How I Save: The 24-year-old who earns £30k a year and has £1,288 saved

How Claire Spends:

Monthly expenses:

  • £460 to joint account for mortgage, bills and food
  • £80 on credit card (0% interest until July 2020)
  • £45 phone
  • £25 gym
  • £10 for other subscriptions like Netflix and charity.
  • I try to treat my savings as an expense too so £460 for that too.
  • Monthly income: £1565 (four weekly pay) after student loan (£82), Credit Union (£52), Travel loan (£86) and pension (£73), plus usual tax and NI

A week of spending:

Monday: £5.25 mac and cheese with proscuitto from Pret, £2 in Children’s Lottery Tickets. £10 on National Lottery for scratch cards.

Tuesday: Another £20 on scratchers (very bad), £12 on acupressure (roughly twice per month half hour appointment). Brought tuna wraps from home. Annoyed at myself for wasting that £30 on scratch cards, it was fun at the time but could have bought myself clothes.

We’re currently trying the Gousto boxes, which I love, they’re so handy, so have dinners sorted for the week but gave in to temptation and spent £20 on a two for Tuesday from Dominoes (from the joint card). I still made tonight’s dinner to take in for tomorrow’s lunch.

Wednesday: Out after work to meet a friend we used to work with who is home for a week, £15 dinner (pizza and glass of prosecco), £21 on glass of prosecco and three cocktails. Brought last night’s veggie pasta bake from home for lunch.

Thursday: £24.70 at Superdrug (put on credit card – which makes it seem like it didn’t cost anything, very bad mentality) on conditioner, eyeliner, pencil sharpener, lip balm, lip gloss, cotton pads, naked bar, Tic-Tacs and Red Bull. Fancy meal out at a nice restaurant near our house – £0 because of vouchers we got after getting engaged. Brought more veggie pasta bake from home for lunch.

Friday: £4 in Sainsburys on Jelly Babies, tuna sandwich and a Red Bull to keep me going this afternoon. £35 at Doner Haus for a team night out dinner, £28 at a bar nearby for my round of drinks, £3 at Greggs for a pizza slice and yum yum for the train ride home – in my drunk mind, this was healthier than a bag of chips.

Also gained £28 back on my credit card after taking a top back to River Island and resisting buying anything else.

Saturday: £20 for an Italian lunch and prosecco when out with fiancé’s family for a day of shopping, £20 in the kitty for other drinks throughout the day, mostly pink gins. £10 in Sainsbury’s on the way home for a bottle of prosecco, skittles and crisps.

Sunday: £12.50 for hangover munchies for my fiancé: a selection of sweets, crisps, Lucozade, koka noodle, and another £2 scratch card all paid for from joint account so again, feels like I’m not really spending money.

Total spent this week: £264.45



How Claire could save:

We spoke to the experts over at money tracking app Cleo to find out how Mara could save better… or at all. 

Note: the advice featured is specific to one individual and doesn’t constitute financial advice. Especially on a London budget.

Money talk, let’s go.

Main vice:

No surprises, I’m going straight for the jugular: lottery spend. If this is your main source of fun you need to up your game, Claire.

At £32 on a bad week, we’re talking £128 a month. This stacks up to £1,536 a year, which, coincidentally, is more than what’s in your saving accounts. This is also more than a quarter of your allotted spending money each month, three flights to Bali, or 54 trips to River Island.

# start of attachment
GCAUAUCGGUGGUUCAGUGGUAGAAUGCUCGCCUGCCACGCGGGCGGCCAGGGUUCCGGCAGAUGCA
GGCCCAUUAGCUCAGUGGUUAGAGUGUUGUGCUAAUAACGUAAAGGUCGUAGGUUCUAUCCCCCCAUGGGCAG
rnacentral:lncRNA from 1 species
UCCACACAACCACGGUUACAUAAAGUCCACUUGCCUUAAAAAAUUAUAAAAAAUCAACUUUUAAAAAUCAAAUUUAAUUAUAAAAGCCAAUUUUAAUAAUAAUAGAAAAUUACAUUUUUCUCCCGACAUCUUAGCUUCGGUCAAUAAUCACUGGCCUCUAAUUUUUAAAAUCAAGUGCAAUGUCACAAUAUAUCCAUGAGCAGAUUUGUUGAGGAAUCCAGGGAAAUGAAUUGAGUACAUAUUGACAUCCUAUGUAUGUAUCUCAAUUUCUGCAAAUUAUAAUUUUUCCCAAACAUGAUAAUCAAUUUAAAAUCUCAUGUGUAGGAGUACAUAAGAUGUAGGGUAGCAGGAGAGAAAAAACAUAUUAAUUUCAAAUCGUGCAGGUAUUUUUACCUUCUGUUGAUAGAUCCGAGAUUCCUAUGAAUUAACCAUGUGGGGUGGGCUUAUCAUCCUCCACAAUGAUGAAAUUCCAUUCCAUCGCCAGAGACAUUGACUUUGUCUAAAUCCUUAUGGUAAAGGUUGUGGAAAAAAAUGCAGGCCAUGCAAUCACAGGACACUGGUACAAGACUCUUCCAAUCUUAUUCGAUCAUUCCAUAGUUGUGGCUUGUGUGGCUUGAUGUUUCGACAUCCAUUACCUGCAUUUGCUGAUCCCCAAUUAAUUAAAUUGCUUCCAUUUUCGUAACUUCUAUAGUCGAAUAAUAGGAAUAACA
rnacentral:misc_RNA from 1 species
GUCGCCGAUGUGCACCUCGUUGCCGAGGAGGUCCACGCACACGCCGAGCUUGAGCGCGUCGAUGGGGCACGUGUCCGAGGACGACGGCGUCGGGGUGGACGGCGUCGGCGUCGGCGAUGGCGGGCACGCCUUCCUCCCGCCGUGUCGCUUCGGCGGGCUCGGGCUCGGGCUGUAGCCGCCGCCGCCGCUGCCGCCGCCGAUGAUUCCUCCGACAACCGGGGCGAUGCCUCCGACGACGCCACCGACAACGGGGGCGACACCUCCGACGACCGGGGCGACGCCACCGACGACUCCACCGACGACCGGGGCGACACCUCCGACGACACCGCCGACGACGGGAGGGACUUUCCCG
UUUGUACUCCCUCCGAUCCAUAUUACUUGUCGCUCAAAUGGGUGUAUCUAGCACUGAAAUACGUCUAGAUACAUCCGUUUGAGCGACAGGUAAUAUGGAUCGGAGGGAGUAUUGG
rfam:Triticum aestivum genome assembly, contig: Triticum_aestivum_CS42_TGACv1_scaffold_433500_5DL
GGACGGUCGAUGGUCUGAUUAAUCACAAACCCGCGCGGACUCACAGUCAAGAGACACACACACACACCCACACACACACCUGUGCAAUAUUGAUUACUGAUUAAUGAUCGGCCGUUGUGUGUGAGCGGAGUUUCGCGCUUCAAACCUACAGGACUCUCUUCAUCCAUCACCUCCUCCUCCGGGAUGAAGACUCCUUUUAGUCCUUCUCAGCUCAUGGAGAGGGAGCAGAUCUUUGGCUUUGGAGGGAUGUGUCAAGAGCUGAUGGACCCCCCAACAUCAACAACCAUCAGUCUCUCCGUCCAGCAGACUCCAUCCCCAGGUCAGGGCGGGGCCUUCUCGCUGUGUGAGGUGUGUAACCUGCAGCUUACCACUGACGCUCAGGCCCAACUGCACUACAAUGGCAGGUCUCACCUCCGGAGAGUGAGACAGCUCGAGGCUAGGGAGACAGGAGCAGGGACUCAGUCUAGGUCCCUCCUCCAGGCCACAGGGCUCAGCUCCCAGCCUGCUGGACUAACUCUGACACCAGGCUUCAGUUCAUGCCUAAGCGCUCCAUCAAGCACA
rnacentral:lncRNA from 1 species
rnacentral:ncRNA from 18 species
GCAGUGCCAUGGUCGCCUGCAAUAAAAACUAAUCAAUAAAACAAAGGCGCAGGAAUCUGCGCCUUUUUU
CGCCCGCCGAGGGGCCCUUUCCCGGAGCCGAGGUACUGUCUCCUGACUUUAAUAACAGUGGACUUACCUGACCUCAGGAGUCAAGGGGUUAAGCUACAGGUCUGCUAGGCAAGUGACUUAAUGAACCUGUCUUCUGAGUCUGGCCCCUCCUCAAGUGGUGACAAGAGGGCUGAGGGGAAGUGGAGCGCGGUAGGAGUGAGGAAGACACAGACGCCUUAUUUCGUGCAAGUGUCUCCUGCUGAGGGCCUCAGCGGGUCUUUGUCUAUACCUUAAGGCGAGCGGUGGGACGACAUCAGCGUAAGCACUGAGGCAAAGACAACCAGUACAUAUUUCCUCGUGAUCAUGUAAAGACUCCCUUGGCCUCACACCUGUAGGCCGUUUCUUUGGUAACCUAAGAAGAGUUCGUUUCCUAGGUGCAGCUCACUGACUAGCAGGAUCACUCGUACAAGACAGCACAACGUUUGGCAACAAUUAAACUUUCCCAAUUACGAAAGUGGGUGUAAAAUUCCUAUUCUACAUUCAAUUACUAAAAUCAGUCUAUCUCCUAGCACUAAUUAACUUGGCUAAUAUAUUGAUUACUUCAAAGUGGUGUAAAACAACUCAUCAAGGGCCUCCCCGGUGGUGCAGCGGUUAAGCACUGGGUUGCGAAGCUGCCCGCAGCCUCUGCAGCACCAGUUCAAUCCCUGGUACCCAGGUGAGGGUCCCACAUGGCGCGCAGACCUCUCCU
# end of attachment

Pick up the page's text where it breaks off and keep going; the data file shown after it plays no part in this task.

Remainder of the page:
Second problem: social spends. You’re dangerously exempting yourself from guilt if you’re buying for others. You’re also locked into a lot of group dinners and nights out. The group setting pressure can make it hard to put a cap on budgets. Did you mean to spend £139 last week?

It’s a lovely attitude: I’d be your friend! But if you’ve got to feed all these people at your wedding, at this rate you can afford to have about two a half friends attend.

I’m not suggesting you try to change our entire drinking culture, but maybe saying no to the odd social occasion is also cool. It’s not selfish if you think that’s one extra starter for your BFF’s husband.

Where you’re going wrong:

Why have one bank account when you could have, like eight!

Not sure anyone has needed to download Cleo more. A key feature is looping in all your accounts and getting a bigger picture of your spending. It might help you feel less anxious if you can have this at an easy glance (like the powerful financial overlord that you are).

Having a card like Monzo for free spending is great. But having this, plus a credit card and the murky territory of a joint card, isn’t great. You’re constantly looking at just a third of your spending. Comforting. All lies.

Spending plan:

Safe to save: £400 a month

I’m lowering this because you can’t afford to save as much as you’d like to based on your current habits. Note: you could up this to £528 a month if you deposit money in a saving account instead whenever you feel the urge to buy a scratch card. Win:win

Safe to spend: £15 a day / £106 a week / £425 a month

Social commitments, presents, snacks for your partner (selfless spends! Put a cap on it!)

Safe to burn: £50 a week/ £200 a month

These are your guilty pleasures. Be that clothes shopping and scratch cards, or sneaky holiday fund. I’m adding in your £80 credit card bill here too: spend intentionally.

How I Save is a weekly series about how people spend and save, out every Thursday. If you’d like to anonymously share how you spend and save – and get some expert advice on how to sort out your finances – get in touch by emailing ellen.scott@metro.co.uk.

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